Samsung is working on implementing a sleep apnea detection feature to its Health Monitor app for the Galaxy Watch 5 and Watch 6 series. The goal here is to “spot obstructive sleep apnea symptoms in [their] early stages” before they get worse.
As explained in the announcement, the detection tool will leverage a “Galaxy Watch’s BioActive Sensor” to monitor a person’s blood oxygen level while they’re sleeping to identify the severity of their condition. If you’re not too familiar with sleep apnea, it describes a condition where someone stops breathing while asleep, which obviously disrupts the body's oxygen supply. This naturally results in, as Samsung notes, “lower sleep quality, and potentially additional health complications. The latter includes but is not limited to, hypertension, cardiac disorders, as well as strokes.
How it works
Once the smartwatch obtains the sleep data, the device will then analyze “how the detected blood oxygen values change” if they’re affected by apnea or hypopnea. The difference between the two conditions is that hypopnea only slows your breathing; it doesn’t outright stop it.
From there, it will estimate your Apnea-Hypopnea Index (AHI) which is the “combined average number of apneas and hypopneas that occur per hour of sleep. According to the American Academy of Sleep Medicine (AASM), five to 15 apnea/hypopnea events per hour is a mild case while 15 to 30 is considered moderate. Beyond that, you have a severe case.
Samsung claims this feature will be simple to use. To get the AHI number, users will need to “track their sleep twice… within 10 days to gauge whether they have these symptoms.” It's important to note each sleep has to be more than four hours.
There is one catch: it’s only coming out in South Korea. Right now, the company is waiting for approval from the Korean government before it officially can release the update sometime in early 2024. However, we have reason to believe the sleep apnea detection tool will eventually roll out internationally.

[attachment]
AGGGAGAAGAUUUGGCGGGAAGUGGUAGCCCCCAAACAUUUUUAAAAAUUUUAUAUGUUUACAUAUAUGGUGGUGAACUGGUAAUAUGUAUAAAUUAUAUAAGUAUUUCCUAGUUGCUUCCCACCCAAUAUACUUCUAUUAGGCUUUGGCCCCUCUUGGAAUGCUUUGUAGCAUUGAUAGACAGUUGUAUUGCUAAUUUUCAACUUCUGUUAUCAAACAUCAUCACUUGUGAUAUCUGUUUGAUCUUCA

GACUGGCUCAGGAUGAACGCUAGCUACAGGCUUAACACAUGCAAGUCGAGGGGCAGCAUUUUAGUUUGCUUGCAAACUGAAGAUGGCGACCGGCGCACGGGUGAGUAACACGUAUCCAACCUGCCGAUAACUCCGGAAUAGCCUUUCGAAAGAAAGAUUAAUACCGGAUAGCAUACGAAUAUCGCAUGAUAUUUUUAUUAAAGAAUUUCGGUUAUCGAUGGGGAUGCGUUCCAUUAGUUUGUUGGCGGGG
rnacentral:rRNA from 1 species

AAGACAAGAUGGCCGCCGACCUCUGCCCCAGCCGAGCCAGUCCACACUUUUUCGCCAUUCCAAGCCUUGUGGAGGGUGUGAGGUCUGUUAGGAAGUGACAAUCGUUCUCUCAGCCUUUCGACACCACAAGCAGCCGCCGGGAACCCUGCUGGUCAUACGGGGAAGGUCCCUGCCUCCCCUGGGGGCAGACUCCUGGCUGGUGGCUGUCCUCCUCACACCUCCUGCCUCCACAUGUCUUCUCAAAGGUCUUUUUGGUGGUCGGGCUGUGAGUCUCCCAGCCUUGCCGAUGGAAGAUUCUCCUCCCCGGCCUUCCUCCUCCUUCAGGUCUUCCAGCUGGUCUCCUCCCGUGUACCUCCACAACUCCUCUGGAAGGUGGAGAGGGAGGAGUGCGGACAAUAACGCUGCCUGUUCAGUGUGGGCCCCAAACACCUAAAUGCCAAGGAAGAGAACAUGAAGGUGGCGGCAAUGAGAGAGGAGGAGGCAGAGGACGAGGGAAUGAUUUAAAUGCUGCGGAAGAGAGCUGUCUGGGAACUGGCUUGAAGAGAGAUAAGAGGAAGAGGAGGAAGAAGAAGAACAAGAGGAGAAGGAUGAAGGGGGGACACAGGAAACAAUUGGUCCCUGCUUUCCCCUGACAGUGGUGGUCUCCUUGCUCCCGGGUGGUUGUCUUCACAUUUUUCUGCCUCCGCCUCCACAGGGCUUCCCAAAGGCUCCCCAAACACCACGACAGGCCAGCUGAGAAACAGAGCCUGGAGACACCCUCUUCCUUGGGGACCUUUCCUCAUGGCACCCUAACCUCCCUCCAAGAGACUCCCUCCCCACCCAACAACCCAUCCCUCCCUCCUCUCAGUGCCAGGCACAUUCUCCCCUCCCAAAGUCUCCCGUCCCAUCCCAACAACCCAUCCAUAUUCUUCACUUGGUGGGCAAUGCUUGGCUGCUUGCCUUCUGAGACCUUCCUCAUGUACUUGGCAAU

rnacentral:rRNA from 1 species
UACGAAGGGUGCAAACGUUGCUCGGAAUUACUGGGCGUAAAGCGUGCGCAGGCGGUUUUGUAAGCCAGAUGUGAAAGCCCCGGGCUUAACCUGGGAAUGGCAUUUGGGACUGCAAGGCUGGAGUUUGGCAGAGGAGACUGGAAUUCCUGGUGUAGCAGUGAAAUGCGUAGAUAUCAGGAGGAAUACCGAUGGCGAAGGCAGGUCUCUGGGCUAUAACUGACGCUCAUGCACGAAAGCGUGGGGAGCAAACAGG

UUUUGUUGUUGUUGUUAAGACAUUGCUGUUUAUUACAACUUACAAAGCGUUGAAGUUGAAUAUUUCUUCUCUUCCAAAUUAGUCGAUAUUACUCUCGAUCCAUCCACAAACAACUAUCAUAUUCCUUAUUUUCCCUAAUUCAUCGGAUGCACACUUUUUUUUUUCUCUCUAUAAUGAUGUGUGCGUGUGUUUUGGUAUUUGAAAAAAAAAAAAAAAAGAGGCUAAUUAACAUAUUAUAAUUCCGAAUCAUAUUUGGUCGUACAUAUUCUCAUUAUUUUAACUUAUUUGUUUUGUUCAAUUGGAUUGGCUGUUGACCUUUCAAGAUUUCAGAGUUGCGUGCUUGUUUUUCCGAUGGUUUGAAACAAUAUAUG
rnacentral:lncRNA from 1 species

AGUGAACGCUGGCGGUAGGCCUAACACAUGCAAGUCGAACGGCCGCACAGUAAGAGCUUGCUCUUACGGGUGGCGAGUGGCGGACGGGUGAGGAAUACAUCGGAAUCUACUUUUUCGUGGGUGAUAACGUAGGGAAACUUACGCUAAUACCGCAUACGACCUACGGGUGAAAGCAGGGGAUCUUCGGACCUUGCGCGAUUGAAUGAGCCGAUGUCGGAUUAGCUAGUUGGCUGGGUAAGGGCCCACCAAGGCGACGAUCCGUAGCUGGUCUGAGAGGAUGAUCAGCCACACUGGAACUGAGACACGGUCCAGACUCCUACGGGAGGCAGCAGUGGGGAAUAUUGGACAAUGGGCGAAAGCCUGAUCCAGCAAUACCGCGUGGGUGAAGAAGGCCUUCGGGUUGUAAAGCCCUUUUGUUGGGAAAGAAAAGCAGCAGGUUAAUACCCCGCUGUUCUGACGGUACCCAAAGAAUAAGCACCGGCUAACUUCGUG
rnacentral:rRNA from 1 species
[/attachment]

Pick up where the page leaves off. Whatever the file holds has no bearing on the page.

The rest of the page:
For starters, the announcement was made on Samsung’s global newsroom in English alongside the Korean website. It also sources information from American medical institutions like the National Sleep Foundation. Plus it mentions other health functions like blood pressuring monitoring, the ECG scan, and the irregular health rhythm notifications – all of which are present on recent Galaxy Watch models. Because of our suspicions, we reached out to Samsung asking for more information regarding an international launch of sleep apnea detection. This story will be updated at a later time.
If you’re looking for other ways to get a better night’s sleep, check out TechRadar’s list of the best sleep tracker for 2023. They range from smart watches to smart rings.
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Cesar Cadenas has been writing about the tech industry for several years now specializing in consumer electronics, entertainment devices, Windows, and the gaming industry. But he’s also passionate about smartphones, GPUs, and cybersecurity.